In certain documents, China represented that, as of January 1, 2002, it gave up "export administration . . . of vitamin C." In one document, under the heading "any restrictions on exports through non-automatic licensing or other means justified by specific product under the WTO Agreement or the Protocol," China represented that "[f]rom 1 January 2002, China gave up export administration of . . . vitamin C." WTO, Transitional Review under Art. 18 of the Protocol of Accession of the People's Republic of China, G/C/W/438 (2002)
XIII. The Ministry's Statements in the Instant Litigation Concerning "Self-Discipline"
In an additional statement submitted on summary judgment (the "2009 Statement"), the Ministry describes the Chinese "system of self-discipline." According to the 2009 Statement:
According to the Ministry, vitamin C exporters were governed by self-discipline regulation, the objectives of which were "to maintain orderly export, safeguard the interests of the country as a whole and avoid self-destructive competition." The 2009 Statement also discusses the Ministry's delegation of authority to the Chamber regarding self-discipline.
XIV. 1998 Opinions
In discussing the notion of "self-discipline prices", Professor Shen and a number of commentators cite to an August 1998 directive issued by the State Economic and Trade Commission ("SETC") entitled "Opinions On Self-Discipline Pricing For Certain Industrial Products" ("1998 Opinions"). Wang Xiaoye, The Prospect of Anti-Monopoly Legislation in China, 2002 Wash. U. Glob. Stud. L.Rev. 201, 208-09; Shen Report ¶ 70. The 1998 Opinions, which only involved domestic prices, "demanded that the producers of certain industrial products observe the minimum price limits set by their respective trade associations." Wang Xiaoye, 2002 Wash. U. Glob. Stud. L.Rev. at 208; see also Scott Kennedy, The Price of Competition: Pricing Policies and the Struggle to Define China's Economic System, The China Journal No. 49, 19 (Jan. 2003). The minimum prices were based on a product's average costs in the industry. Kennedy, The China Journal No. 49, 19; see also Wang Xiaoye, 2002 Wash. U. Glob. Stud. L. Rev. at 209.
ACTIONS OF CHINESE MARKET PARTICIPANTS
I. The 1997 Regime
Between the promulgation of the 1997 Regime and April 2001, the Subcommittee held a number of meetings where defendants reached agreements on price and export quotas. These meetings were attended by officials from both the Chamber and the Ministry.
In 1997, the price of vitamin C was $4.4/kg. At some point, defendants set the minimum price at $5.3/kg and the price rose to at least $5/kg. However, between May 2000 and December 2001, there was a "price war," which resulted in export prices dropping to less than $2.8/kg. This appears to have been caused by an expansion in China's production capacity that stemmed from an apparent "misunderstanding" at a 1999 Subcommittee meeting.
In December 2000, the minimum export price was $5.1/kg. However, as it appears that none of the defendants were following that price, defendants agreed to "nullify" that price and submitted this agreement to the Ministry "for approval."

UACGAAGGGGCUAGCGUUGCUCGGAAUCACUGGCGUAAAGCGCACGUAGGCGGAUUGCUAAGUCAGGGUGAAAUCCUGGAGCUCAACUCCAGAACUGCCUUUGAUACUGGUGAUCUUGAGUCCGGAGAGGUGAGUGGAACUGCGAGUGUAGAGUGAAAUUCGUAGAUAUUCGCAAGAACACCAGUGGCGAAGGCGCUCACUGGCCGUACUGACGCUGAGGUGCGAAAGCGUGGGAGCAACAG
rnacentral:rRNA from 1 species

At the meeting, the manufacturers agreed to reduce the minimum export price from $5.10/kg to $3.20/kg, presumably in accordance with the agreement at the December 2000 meeting. The minutes go on to state that: "However, because the manufacturers have not agreed on the enforcement mechanisms of the verification and chop system, it remains a major question whether this price limit can be enforced effectively."
II. Transition to the 2002 Regime
In September and November 2001, the Ministry learned that the European Union was considering bringing an anti-dumping suit against the Chinese vitamin C manufacturers. This information was forwarded to the Chamber. On one document, handwritten notes, apparently from Ministry officials, state: (1) "[p]lease review and get prepared"; (2) "please review and address it"; and (3) "[p]lease investigate this matter."
On November 16, 2001, the Chamber held a meeting with defendants.
Not only is there no affirmative evidence of compulsion in the documents discussing this agreement, but these documents also suggest, on their face, that this agreement was voluntary.
Similarly, a summary of the December 2001 meeting from Chamber's website notes that:
Some documents discussing the November and December 2001 meetings imply that verification and chop was used to enforce the parties' agreement. However, none of these documents clearly state that defendants' agreements restricting output were enforced through verification and chop. In fact, the document quoted above explicitly refers to "price reviews."
III. The 2002 Regime
Meetings and Agreements
Between the beginning of 2002 and the filing of the initial complaint on January 26, 2005, the Subcommittee held numerous "coordination" meetings where defendants reached agreements regarding price and output. There were also a number of Subcommittee meetings where no agreements were reached.
B. Evidence of Voluntariness
Similar to the record regarding the November 2001 agreement, the relevant documents contain no affirmative evidence of compulsion and, a number of these documents, on their face, suggest voluntariness.
(Emphasis added). Similarly, a speech made two days after the instant suit was filed states:
According to defendants' interrogatory answers and the deposition testimony of Wang Qi, a JJPC executive, beginning in May 2002, the minimum price was $3.35/kg throughout the relevant period. However, there is other evidence indicating that, at certain times, higher minimum prices were in effect or no minimum price was in place. An official notice issued by the Chamber in early 2003 indicates that, at the time, there was no minimum price in effect for Vitamin C (or, possibly, that verification and chop had been suspended). Although the notice lists minimum prices for two other products subject to verification and chop, the minimum price field for vitamin C is blank.